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2012 Review part 1

So, following on from my previous post reviewing last year’s racing, here is a review of 2012.

It’s been an up and down year. I had some fantastic results early on in the season, but after those early successes, the year petered out.

As you may remember (or not, especially as there’s probably not actually anyone reading this other than my Mum), I got myself a place in the Virgin London Marathon ballot (henceforth to be known as VLM).

I discovered whilst training for Chester that the key to keeping my focus in training is to have a “scary” goal. That is, during 2010 I was running, and had loads of races where I wanted to do well, and had the weekly target of lowering my parkrun PB, but I regularly went through periods where the only run I would do would be that week’s parkrun. For example, during June and July I only ran 12 times, and 8 of them were either local club races or parkruns. Having gone from couch to 5K, I was now in the comfortable position of being able to blag my way round a 5k or 10k in a semi respectable time, on no training. However Chester was a scary prospect, and I had to make damn sure I trained, as 26.2 is a fracking long way.

Baring in mind the mistakes I made with my Chester training plan, I marked all of my races on my training plan, and rearranged my long runs. That meant that I would often be doing a Long Run on a weekday, instead of the traditional Sunday, so that I could race on the Sunday. I also factored in my shift pattern a lot more. In the Chester build up, there were some days where training just wasn’t a realistic possibility, eg on a Tuesday after an early shift.

The training plan called for a mid January Half Marathon, and so I returned to Helsby. I went into the race wanting to go under 1:40, and I felt that it was definitely within my ability, however the conditions weren’t as favourable as last year. It was still cool and overcast, but there was a vicious wind, which, due to the circular nature of the course, was never blowing in our favour. I finished in 1:41:48 which was a 40 sec PB. Not as much as I’d hoped for, but solid given the conditions, and an indicator of things to come.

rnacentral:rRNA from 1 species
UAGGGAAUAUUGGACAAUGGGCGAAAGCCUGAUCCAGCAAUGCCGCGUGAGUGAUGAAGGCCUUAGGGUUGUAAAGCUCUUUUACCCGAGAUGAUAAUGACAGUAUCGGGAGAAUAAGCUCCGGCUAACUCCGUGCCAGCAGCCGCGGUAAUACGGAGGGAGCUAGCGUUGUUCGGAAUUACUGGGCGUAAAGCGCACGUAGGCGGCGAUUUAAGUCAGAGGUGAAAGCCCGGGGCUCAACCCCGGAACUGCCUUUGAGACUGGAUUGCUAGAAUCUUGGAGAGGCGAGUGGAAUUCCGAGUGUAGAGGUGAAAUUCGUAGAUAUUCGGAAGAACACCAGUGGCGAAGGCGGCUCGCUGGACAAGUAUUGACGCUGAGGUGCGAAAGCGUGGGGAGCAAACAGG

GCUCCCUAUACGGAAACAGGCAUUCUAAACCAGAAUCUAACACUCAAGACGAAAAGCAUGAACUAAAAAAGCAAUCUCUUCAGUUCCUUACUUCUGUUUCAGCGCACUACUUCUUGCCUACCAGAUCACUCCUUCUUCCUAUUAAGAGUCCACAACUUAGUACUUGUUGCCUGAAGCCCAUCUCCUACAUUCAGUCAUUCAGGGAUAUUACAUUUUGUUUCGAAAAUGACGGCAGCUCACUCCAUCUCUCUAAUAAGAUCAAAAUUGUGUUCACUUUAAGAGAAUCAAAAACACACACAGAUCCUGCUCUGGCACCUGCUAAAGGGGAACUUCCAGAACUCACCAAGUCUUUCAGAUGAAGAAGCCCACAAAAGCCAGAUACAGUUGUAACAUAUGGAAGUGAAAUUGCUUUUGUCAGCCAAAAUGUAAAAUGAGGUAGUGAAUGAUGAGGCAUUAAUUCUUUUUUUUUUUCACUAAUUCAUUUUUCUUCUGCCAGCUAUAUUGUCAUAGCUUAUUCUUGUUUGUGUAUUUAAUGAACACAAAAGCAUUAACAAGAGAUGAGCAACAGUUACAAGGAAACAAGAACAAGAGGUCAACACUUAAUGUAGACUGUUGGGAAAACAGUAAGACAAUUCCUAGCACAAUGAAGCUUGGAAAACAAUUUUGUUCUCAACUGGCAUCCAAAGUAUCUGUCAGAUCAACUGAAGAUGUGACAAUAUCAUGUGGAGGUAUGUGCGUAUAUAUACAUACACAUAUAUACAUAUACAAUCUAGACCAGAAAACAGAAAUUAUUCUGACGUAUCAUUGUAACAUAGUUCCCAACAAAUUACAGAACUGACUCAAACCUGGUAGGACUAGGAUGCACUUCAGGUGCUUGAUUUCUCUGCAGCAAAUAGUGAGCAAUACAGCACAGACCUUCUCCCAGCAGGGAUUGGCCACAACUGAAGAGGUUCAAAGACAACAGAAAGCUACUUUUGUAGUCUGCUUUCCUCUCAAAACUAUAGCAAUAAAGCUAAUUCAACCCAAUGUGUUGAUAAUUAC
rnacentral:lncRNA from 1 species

I should mention at this point that as well as VLM, I decided to up my game with regard to Triathlon as well. I joined Manchester Tri Club as a Bronze member at the end of 2010, but never really did much with it, other than race under their name at the Tris I competed in. I decided for 2012 that I would up that membership to Gold, and go all in. A Bronze membership basically means that you can race as MTC, and you can come to training sessions on a pay as you go basis. A Gold membership gives you access to any and all training sessions, and is well worth it if you intend to do some structured training, particularly Swim training. In fact with 11 swim sessions a week, and only 3 cycle and 2 running sessions, you could argue, that Man Tri is a Masters Swim Club that happens to do a bit of cycling and running on the side :-)

Certainly, my swim speed and stamina improved dramatically when I started training with MTC 2 or 3 times a week. In February we had the MTC vs Trafford Metro gala, which gave everyone who wanted, the chance to compete in some sprint races (50s and 100s of the various strokes). It was fun to be swimming in a gala again, for the first time since I was about 15. I got smoked by the better swimmers, but I was happy with where my times were.

Into March we go, and on to the Winter Sprinter, a 60mile Cyclo Sportive. A Sportive isn’t a race, it’s an organised ride. The Winter Sprinter, organised by Polocini, was good value, with a great route, and some great food provided. The only downside, was the truly awful weather. It was around 3C, and raining almost all the way round. I forced myself out the door and onto this, as the bike is my weakest triathlon discipline, and I needed to up my game some.

After thrashing myself at the Winter Sprinter, something strange happened. On the Friday I did my second of the four 20 mile Long Runs in my VLM plan. On the Saturday morning I had to go over to Sheffield, and as you do, I ran the Sheffield Hallam parkrun. Now, given that I had run 20 miles the day before, I wasn’t expecting much, and decided to just go balls to the wall for as long as I could, and see where that left me. Well, that left me with a 17 second PB or 21 dead. That’s right, I PB’d for 5k the day after a 20mile long run. I still don’t know exactly how it happened.

Trafford 10K

Trafford 10K

Eight days later I had my next stab at lowering my 10k PB. However, this time I was cheating slightly, as I was running the Trafford 10K, widely held to be one of the fastest 10Ks in the UK (and certainly the distance travelled by some of the runners would bare that out). It’s flat, and very fast, with just two small speed bumps (small bridges over the canal) not long after the half way point. This had been a long time in coming, and I smashed it, 43:05 for a PB by well over 2 minutes.